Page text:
Cammermeyer at left in Philadelphia in 2005 (photo by Tracy Baim) the Serving in Silence cover, and Cammermeyer in a 2006 publicity photo.
What person in the GLBT community doesn't know of the heroic life of Margarethe 'Grethe' Cammermeyer, whose story of being forced to leave the military after 27 years of exemplary service for admitting she was a lesbian was so eloquently told in the TV movie Serving in Silence? The 1995 film, based on her autobiography, went on to win several Emmys; was executive-produced by Barbra Streisand; and starred Glenn Close as Colonel Cammermeyer and Judy Davis as her partner, Diane.
Now, Sony Pictures has just released the movie on DVD. It includes a making-of featurette and memorable footage from the film's Hollywood premiere that include remarks by Cammermeyer and Streisand as well as clips from the 1996 GLAAD Media Awards that honored the film and Cammermeyer.
In junction with the DVD release of the movie, Windy City Times recently spoke with Cammermeyer. Here are some highlights from the conversation:
Windy City Times: The first question has to be if anything has changed for gays and lesbians in the military in the 11 years since the movie aired?
Margarethe Cammermeyer: Well, one could say that there are 65,000—we're estimating—currently working in the military today. Since 'Don't Ask, Don't Tell' was enacted in 1993, 11,000 gays and lesbians have been discharged and those numbers are very comparable to the 10 years preceding 'Don't Ask, Don't Tell.' So, what we have learned is that gays and lesbians continue to serve in the military and suffer tremendous personal hardships in the service to their country and willingness to die in Iraq for the freedom for the Iraqis while they themselves have to serve under such tragic conditions.
WCT: You're obviously a lightning rod, the de facto spokesperson for this issue—whether you want to be or not ...
MC: [Laughs] I'm the oldest!
WCT: The oldest, OK ... the Grand Dame! So you must get e-mails and letters—I would assume on the QT—from men and women in the services all the time looking for advice.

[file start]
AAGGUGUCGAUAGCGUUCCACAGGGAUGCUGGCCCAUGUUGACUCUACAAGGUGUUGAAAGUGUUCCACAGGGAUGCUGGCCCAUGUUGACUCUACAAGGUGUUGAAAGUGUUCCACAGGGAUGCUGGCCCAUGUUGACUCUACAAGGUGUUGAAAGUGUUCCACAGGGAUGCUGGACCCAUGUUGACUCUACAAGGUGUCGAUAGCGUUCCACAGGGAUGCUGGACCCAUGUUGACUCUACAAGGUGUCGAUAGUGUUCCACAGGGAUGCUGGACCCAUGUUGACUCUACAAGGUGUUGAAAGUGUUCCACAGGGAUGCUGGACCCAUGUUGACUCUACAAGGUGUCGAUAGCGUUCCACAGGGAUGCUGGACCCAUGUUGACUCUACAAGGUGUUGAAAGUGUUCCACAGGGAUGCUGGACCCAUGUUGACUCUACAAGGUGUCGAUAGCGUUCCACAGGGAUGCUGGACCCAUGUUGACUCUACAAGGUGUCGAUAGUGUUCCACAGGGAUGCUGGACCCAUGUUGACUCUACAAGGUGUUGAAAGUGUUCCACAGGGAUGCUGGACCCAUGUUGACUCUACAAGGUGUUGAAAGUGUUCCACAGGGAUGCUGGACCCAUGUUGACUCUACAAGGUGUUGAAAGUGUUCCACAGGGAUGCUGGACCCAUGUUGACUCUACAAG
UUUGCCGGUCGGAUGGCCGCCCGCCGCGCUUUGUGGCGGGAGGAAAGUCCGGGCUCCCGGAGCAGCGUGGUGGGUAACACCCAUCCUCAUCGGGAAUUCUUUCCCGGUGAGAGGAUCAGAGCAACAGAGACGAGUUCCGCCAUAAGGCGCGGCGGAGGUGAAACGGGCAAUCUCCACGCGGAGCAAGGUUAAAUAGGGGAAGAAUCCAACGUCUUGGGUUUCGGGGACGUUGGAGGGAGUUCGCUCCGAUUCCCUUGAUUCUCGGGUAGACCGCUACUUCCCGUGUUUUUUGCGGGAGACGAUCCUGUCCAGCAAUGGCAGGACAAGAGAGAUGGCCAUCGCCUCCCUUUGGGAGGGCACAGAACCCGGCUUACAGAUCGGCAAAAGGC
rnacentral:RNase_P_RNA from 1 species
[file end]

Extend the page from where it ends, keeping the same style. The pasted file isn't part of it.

MC: Yes, I do. Every time there is an airing, I get some sort of e-mail either questioning what somebody ought to do and, fortunately, the Servicemembers Legal Defense Network (SLDN) has made huge inroads into letting it be known that they're there to help gay and lesbian servicemembers who are being targeted and who feel that their careers or lives are in jeopardy; that's been a huge help. Of course, [to] anybody that writes me, I give them my two cents worth—'Say nothing, do nothing and contact the Servicemembers Legal Defense Network because they do phenomenal work to support gay servicemembers.'
WCT: I've read that the lack of recruiting numbers for the war in Iraq has in a quiet way turned the 'Don't Ask, Don't Tell' policy into more of a 'Keep it on the Down Low' policy. Is that what you've heard?
MC: You could be deaf, blind and dumb and they'll take you because they are in such dire straits, which again speaks to the irony of, 'Why do you discharge 11,000 trained troops when they are willing to stay in and serve?' While this talks about the discharges, it doesn't talk about those who don't re-up because [they don't want] to put up with the harassment any longer. Those are numbers I think that would be very difficult to ascertain, but why do you discharge these people and send people like me a letter saying, 'If you're interested in coming back into the military we have increased the retirement so you can stay on until you're 70?'
WCT: [Stunned] You're kidding! And never mind that someone like you is world renowned as the spokesperson against 'Don't Ask, Don't Tell.'
MC: If you have the military specialties that the military needs, they will allow you to come back in. If you've had a driving under the influence [DUI] charge or minor felonies then you now can be blessed to be good enough to serve in the military and be cannon fodder.
WCT: The ironies just pile up. It's just so crazy.
WCT: We both, I think, know what our policy should be. Is there any chance of that happening? I think I know what the answer is with regard to this administration.